- It may be difficult to take your bike on and off the trainer every time you want to ride.
This is best for someone who rides both indoors and outdoors, and keeps their trainer setup all the time — perhaps in an out-of-the-way location with a bike mat underneath.
4. With Ceiling Hooks
If you are short on floor space, you might consider storing your bike with ceiling hooks. Choose a sturdy beam to screw your two large C or S hooks, space them to line up with the middle of each wheel, and pre-drill the holes. You’ll want to make sure the hooks are sturdy enough to hold your bike and that they are coated so they don’t scratch up your frame.
Alternatively, you can hang your bike on a wall using one hook as long as your put your hook into a stud.
- Uses inexpensive and easy-to-find hooks
- Won’t take up precious floor space
- You may not be permitted to drill into the wall or ceiling
- You’ll be storing the bike upside down – which can cause air bubbles in hydraulic brake bikes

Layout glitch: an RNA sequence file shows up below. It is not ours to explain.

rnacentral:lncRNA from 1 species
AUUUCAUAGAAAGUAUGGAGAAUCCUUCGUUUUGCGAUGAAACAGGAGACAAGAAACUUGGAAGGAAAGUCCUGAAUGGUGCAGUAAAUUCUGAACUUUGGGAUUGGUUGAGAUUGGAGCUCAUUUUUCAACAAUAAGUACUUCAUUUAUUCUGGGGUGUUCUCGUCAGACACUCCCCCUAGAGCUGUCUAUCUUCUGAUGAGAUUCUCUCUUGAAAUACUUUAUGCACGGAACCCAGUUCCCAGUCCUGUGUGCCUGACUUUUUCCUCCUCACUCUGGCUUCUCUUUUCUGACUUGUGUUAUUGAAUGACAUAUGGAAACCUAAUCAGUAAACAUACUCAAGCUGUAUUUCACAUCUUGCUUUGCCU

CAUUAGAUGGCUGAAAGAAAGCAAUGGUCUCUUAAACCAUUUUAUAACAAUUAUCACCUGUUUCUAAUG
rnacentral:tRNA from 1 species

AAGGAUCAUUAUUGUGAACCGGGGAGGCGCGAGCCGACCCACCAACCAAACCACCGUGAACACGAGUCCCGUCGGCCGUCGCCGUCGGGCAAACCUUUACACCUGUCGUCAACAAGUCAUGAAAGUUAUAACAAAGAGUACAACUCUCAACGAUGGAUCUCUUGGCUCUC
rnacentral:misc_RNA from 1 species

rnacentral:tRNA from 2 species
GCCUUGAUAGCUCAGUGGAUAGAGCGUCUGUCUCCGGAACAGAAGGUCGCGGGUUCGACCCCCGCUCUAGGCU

- It may not be possible to lift a heavy bike – like an e-bike – up to the ceiling
This option is best for someone with a lightweight bike.
5. Disassembled and in a Closet
If your landlord won’t permit you to drill hooks or attach brackets, you might need to resort to storing your bike in a closet. If your closet doesn’t have the space, you can disassemble it by removing the front and back wheels.
Just loosen the skewer or maxle and remove the wheel. Replace the skewer. Unless you have rim brakes, be very careful not to squeeze the brake levers or you could dislodge the piston.
- This storage solution doesn’t cost a thing
- You won’t waste floorspace if your apartment is small
- It takes time to remove (and replace) the wheels
- You could damage your brake system if you aren’t careful
- You could get grease on your clothes if you store your bike alongside them
Best for: A mechanically inclined cyclist.
6. On Your Balcony
If you have a tiny apartment but you have a balcony, you could store your bike there. You should consider, however, covering it with a tarp or bike tent. Rain, snow, frigid temperatures, and the sun can all do a number of your bike’s paint, battery, and overall function.